Jakarta (ANTARA) - During the Dutch colonial period, hundreds of cultural artifacts from Indonesia were looted by the Netherlands.

On July 6, 2023, the Netherlands officially announced that it would return 472 cultural artifacts to Indonesia at the request of the Indonesian government.

A ceremony for handing over the historical objects took place at the Museum Volkenkunde in Leiden, the Netherlands, on July 10, with Hilmar Farid, the director-general of culture at the Ministry of Education, Culture, Research, and Technology (Kemendikbudristek), representing Indonesia.

"We initiated the repatriation effort two years ago," said I Gusti Agung Wesaka Puja, the head of the Indonesian collection's repatriation team.

The repatriation team, in collaboration with the committee for the repatriation of Dutch colonial objects led by Lilian Gonçalves-Ho Kang You, has maintained positive and productive communication to encourage the return of historical objects from the Netherlands to Indonesia.

The long-awaited objects, which have been in the Netherlands for three centuries, comprise four collections, including a Puputan Klungkung Keris from the Kingdom of Klungkung, Bali, four statues from the Singasari Kingdom era, 132 art objects from the Pita Maha Bali collection, and 335 looted treasures from the 1894 Lombok Expedition, according to the ministry.

Among the 472 objects retrieved from the Netherlands, the four statues from the Singasari Kingdom era will soon be displayed at the Indonesia National Museum as part of the first stage of the artifact's return to Indonesia.

The Singasari statues, depicting gods and goddesses from Hindu mythology, namely Durga, Mahakala, Nandishvara, and Ganesha, are masterpieces from the 13th century AD.

Before arriving in Indonesia, the statues were kept at the Volkenkunde Museum, and replicas of the Durga and Ganesha statues were displayed in the Kertarajasa Room of the Indonesia National Museum, according to an official from the National Museum.

Ni Luh Putu Chandra Dewi, the head of the National Museum, explained that the four Singasari statues are still in storage, with maintenance work in progress.

Dewi further explained that due to the difference in seasons between the Netherlands, which has four seasons, and Indonesia, which has two seasons, acclimatization of the repatriated artifacts is necessary.

Acclimatization is the process or result of becoming accustomed to a new climate or new conditions.

The Indonesian government has stated that it will provide a preservation team to take care of the collections, particularly to stabilize the condition of the artifacts once they are returned home.

"I have personally inspected the condition of the four Singasari statues and directed my team to look after and maintain them well, as well as the hundreds of repatriated objects that will 'come home' in waves," said Minister of Education, Culture, Research, and Technology, Nadiem Anwar Makarim.

Meanwhile, the National Museum is planning to hold an exhibition with a clear storyline concept to showcase the statues, along with Prajnaparamita, which was also repatriated from the Netherlands and has been with the museum since 1975.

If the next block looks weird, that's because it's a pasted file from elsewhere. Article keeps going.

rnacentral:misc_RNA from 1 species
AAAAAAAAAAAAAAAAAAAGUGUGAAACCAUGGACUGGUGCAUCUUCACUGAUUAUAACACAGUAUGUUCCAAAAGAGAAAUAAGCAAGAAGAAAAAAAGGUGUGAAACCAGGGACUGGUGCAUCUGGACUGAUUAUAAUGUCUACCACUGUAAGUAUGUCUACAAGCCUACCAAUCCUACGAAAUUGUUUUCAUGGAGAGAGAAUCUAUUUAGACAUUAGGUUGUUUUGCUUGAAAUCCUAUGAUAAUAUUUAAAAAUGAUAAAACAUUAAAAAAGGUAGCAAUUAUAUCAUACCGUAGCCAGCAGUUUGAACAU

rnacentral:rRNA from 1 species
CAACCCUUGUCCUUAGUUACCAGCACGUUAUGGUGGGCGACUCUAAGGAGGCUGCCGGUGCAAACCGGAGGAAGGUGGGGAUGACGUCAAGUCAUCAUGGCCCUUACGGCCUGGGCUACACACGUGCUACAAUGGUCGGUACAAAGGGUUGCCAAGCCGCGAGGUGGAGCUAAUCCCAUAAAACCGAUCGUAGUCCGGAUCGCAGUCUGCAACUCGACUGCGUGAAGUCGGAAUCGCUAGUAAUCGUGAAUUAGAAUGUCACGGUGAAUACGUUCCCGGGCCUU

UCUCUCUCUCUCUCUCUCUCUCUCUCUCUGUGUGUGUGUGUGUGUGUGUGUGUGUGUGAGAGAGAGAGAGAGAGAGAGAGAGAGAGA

The temporary exhibition is expected to take place in October this year, or no later than the end of this year, and will then become permanent.

After the return of the artifacts, an increase in visitors is anticipated, but hopefully not just a temporary spike," Dewi remarked.

She added that this is not simply about the return of artifacts that have been away from their home for a long time.

"People can take pride in our works of art, in which we must emphasize the educational elements, for the creation of our national identity and character. That's what we want to convey, and that is our goal," she said.

Earlier, Minister Makarim emphasized that the short-term goal is for the public to see the valuable artifacts through exhibitions, while in the long term, they are expected to become a source of knowledge and increase the spirit of nationalism.

"Still in the spirit of independence, the Indonesian people should be proud of the results of our joint struggle for approximately two and a half years to return historical and cultural objects belonging to this nation back to the country," Makarim said.

Niti Darmika, a visitor at the National Museum from Bali, welcomed the news of the return of the artifacts and agreed that the display of the repatriated artifacts could help raise people’s awareness about Indonesian history and culture.

"It seems that some people don't really care about what our ancestors went through in the past. With the return of artifacts and their being displayed in the National Museum, more people can learn the history behind the artifacts and appreciate our culture," Darmika said.

"This move may also strengthen the bond between the two nations," she added.

Another visitor from Kalimantan, Dewanti Dyah Ayu Rengganis, said that she was aware of the news and was glad about the repatriation.

"After all, the Netherlands colonized Indonesia for almost 350 years. I think the return of Indonesian artifacts is good news since it represents the Netherlands' respect for our country," she added.

The return of historic and cultural artifacts to Indonesia marks a milestone in rectifying historical injustices and would enable the Indonesian people to reconnect with their lost heritage while reinforcing the spirit of nationalism.

This endeavor not only bridges the past with the present but also fosters cultural understanding between nations, signifying the important role that artifacts play in both cultural preservation and diplomacy.

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Related news: Netherlands to return 472 cultural objects to Indonesia

Editor: Anton Santoso
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